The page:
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Open Access Research article

Response of human chondrocytes and mesenchymal stromal cells to a decellularized human dermis

Gianluca Giavaresi12*, Elena Bondioli3, Davide Melandri3, Roberto Giardino2, Matilde Tschon12, Paola Torricelli12, Giovanna Cenacchi4, Roberto Rotini5, Alessandro Castagna6, Francesca Veronesi1, Stefania Pagani12 and Milena Fini12

Author affiliations

1 Laboratory of Preclinical and Surgical Studies, Rizzoli Orthopaedic Institute IRCCS, Bologna, Italy

2 RIT Department, Laboratory of Biocompatibility, Innovative Technologies and Advanced Therapies, Rizzoli Orthopaedic Institute, Bologna, Italy

3 Burn Intensive Care Unit and “Regione Emilia Romagna” Skin Bank, Bufalini Hospital, Cesena, Italy

4 Department of Biomedical and Neuromotor Sciences, Saint Orsola Malpighi Hospital, Bologna, Italy

5 Shoulder and Elbow Surgery, Rizzoli Orthopaedic Institute, Bologna, Italy

6 Shoulder Surgery, Istituto Clinico Humanitas IRCCS, Milan, Italy

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Citation and License

BMC Musculoskeletal Disorders 2013, 14:12  doi:10.1186/1471-2474-14-12

Published: 7 January 2013

Abstract

Background

Although progress has been made in the treatment of articular cartilage lesions, they are still a major challenge because current techniques do not provide satisfactory long-term outcomes. Tissue engineering and the use of functional biomaterials might be an alternative regenerative strategy and fulfill clinical needs. Decellularized extracellular matrices have generated interest as functional biologic scaffolds, but there are few studies on cartilage regeneration. The aim of this study was to evaluate in vitro the biological influence of a newly developed decellularized human dermal extracellular matrix on two human primary cultures.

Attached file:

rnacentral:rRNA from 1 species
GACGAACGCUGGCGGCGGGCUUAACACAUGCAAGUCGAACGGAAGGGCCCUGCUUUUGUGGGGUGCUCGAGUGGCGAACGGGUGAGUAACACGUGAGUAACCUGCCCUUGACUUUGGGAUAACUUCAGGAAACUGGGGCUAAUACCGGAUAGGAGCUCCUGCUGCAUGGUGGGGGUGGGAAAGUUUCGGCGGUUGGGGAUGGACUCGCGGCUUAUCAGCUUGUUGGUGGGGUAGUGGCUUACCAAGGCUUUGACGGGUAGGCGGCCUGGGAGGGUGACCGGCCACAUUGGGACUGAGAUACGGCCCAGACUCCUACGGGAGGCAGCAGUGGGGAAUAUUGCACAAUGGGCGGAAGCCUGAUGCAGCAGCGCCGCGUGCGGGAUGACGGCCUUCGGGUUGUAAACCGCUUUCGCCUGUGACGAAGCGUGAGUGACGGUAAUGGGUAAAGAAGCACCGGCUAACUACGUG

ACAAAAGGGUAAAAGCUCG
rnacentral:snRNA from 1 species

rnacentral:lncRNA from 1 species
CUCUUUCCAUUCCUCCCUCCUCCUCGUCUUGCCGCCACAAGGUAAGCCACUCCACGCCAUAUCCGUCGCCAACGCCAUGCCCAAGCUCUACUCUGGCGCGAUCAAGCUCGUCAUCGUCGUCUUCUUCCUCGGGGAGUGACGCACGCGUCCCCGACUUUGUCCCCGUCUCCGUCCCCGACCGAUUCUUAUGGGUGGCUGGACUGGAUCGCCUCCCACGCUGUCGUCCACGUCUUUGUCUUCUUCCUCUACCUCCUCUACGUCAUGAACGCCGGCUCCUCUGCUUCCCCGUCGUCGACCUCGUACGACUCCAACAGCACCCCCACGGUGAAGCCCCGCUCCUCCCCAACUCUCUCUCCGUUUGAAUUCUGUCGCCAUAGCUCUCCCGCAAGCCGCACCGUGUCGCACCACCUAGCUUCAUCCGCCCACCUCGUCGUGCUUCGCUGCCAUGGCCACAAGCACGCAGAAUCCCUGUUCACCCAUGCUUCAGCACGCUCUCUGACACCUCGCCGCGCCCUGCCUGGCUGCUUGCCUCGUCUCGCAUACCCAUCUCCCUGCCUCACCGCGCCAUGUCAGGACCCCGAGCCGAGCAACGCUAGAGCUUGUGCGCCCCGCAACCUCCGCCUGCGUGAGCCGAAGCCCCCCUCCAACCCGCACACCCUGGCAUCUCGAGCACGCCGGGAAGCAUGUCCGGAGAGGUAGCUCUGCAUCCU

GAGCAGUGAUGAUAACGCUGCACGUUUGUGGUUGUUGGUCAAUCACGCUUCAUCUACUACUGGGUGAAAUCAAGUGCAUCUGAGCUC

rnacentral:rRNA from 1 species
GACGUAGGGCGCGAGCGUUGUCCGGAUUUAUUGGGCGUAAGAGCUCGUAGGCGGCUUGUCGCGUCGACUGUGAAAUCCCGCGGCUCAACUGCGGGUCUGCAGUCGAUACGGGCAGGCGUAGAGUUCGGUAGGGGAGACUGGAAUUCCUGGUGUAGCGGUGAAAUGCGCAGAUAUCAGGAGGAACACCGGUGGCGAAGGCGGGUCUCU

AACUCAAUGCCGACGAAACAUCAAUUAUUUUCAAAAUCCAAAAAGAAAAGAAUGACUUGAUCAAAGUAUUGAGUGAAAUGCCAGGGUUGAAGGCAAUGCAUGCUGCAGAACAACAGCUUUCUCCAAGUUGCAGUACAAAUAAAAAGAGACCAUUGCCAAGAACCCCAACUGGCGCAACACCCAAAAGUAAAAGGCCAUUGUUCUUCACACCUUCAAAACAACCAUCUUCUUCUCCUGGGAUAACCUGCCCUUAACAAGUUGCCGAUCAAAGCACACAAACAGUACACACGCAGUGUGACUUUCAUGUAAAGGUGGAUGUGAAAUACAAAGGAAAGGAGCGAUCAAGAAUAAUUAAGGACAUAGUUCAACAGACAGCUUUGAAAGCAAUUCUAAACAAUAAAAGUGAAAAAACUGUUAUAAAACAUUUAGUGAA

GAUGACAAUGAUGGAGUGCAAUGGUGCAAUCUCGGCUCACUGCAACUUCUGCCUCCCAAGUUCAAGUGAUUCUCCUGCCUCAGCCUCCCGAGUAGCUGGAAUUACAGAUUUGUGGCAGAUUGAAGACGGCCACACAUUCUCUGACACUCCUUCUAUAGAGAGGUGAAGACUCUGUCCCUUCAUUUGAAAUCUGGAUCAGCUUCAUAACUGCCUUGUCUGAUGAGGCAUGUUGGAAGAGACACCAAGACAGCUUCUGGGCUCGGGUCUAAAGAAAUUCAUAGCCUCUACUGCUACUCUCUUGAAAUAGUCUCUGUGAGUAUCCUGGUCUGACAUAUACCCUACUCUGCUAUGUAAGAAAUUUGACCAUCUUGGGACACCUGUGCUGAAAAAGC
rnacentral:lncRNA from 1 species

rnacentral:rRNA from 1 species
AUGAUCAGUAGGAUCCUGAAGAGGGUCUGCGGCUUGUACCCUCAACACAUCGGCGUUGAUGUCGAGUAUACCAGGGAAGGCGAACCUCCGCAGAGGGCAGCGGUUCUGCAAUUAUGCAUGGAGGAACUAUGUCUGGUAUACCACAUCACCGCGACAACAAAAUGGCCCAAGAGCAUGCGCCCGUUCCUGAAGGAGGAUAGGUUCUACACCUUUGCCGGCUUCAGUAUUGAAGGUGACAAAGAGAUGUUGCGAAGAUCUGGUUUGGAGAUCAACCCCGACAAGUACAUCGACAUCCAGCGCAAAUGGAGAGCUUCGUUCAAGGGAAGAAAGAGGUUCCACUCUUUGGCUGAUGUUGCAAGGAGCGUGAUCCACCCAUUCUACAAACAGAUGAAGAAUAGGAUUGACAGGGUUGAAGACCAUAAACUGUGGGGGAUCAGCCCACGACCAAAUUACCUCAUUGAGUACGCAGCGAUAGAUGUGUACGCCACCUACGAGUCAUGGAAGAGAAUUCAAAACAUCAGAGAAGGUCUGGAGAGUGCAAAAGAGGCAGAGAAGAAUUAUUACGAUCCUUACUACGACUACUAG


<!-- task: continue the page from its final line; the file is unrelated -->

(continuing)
Methods

Normal human articular chondrocytes (NHAC-kn) and human mesenchymal stromal cells (hMSC) from healthy donors were seeded in polystyrene wells as controls (CTR), and on decellularized human dermis batches (HDM_derm) for 7 and 14 days. Cellular proliferation and differentiation, and anabolic and catabolic synthetic activity were quantified at each experimental time. Histology and scanning electron microscopy were used to evaluate morphology and ultrastructure.

Results

Both cell cultures had a similar proliferation rate that increased significantly (p < 0.0005) at 14 days. In comparison with CTR, at 14 days NHAC-kn enhanced procollagen type II (CPII, p < 0.05) and aggrecan synthesis (p < 0.0005), whereas hMSC significantly enhanced aggrecan synthesis (p < 0.0005) and transforming growth factor-beta1 release (TGF-β1, p < 0.0005) at both experimental times. Neither inflammatory stimulus nor catabolic activity induction was observed. By comparing data of the two primary cells, NHAC-kn synthesized significantly more CPII than did hMSC at both experimental times (p < 0.005), whereas hMSC synthesized more aggrecan at 7 days (p < 0.005) and TGF-β1 at both experimental times than did NHAC-kn (p < 0.005).

Conclusions

The results obtained showed that in in vitro conditions HDM_derm behaves as a suitable scaffold for the growth of both well-differentiated chondrocytes and undifferentiated mesenchymal cells, thus ensuring a biocompatible and bioactive substrate. Further studies are mandatory to test the use of HDM_derm with tissue engineering to assess its therapeutic and functional effectiveness in cartilage regeneration.

Keywords:
Articular chondrocytes; Mesenchymal bone marrow stromal cells; Decellularized dermis; Bioactivity; In vitro study; Cartilage tissue engineering